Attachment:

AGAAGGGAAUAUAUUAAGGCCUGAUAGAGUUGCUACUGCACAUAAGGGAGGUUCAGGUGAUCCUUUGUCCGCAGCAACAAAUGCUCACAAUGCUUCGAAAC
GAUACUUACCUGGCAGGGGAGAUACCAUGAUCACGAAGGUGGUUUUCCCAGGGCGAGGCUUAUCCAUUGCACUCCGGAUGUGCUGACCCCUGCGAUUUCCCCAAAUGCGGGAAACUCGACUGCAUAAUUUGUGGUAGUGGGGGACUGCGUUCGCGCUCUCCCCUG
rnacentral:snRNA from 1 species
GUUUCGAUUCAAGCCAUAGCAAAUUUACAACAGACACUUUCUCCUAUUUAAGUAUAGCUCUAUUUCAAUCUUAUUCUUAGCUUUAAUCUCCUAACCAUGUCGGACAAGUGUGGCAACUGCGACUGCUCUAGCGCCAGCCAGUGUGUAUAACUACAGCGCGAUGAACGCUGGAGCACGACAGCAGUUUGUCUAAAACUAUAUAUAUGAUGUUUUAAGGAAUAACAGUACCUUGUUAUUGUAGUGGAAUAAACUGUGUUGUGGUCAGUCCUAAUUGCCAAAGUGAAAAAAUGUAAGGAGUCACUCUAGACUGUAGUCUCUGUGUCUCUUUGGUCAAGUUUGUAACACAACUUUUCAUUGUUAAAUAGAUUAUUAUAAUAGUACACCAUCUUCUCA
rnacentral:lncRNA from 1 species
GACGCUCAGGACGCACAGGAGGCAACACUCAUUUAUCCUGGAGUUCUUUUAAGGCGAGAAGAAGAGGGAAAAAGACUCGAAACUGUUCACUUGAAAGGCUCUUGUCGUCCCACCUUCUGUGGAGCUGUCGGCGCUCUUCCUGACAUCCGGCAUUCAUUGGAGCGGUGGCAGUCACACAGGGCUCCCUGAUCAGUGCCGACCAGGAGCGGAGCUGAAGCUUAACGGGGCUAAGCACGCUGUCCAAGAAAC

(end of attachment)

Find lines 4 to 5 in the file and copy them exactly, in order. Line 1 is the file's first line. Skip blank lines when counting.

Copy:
GUUUCGAUUCAAGCCAUAGCAAAUUUACAACAGACACUUUCUCCUAUUUAAGUAUAGCUCUAUUUCAAUCUUAUUCUUAGCUUUAAUCUCCUAACCAUGUCGGACAAGUGUGGCAACUGCGACUGCUCUAGCGCCAGCCAGUGUGUAUAACUACAGCGCGAUGAACGCUGGAGCACGACAGCAGUUUGUCUAAAACUAUAUAUAUGAUGUUUUAAGGAAUAACAGUACCUUGUUAUUGUAGUGGAAUAAACUGUGUUGUGGUCAGUCCUAAUUGCCAAAGUGAAAAAAUGUAAGGAGUCACUCUAGACUGUAGUCUCUGUGUCUCUUUGGUCAAGUUUGUAACACAACUUUUCAUUGUUAAAUAGAUUAUUAUAAUAGUACACCAUCUUCUCA
rnacentral:lncRNA from 1 species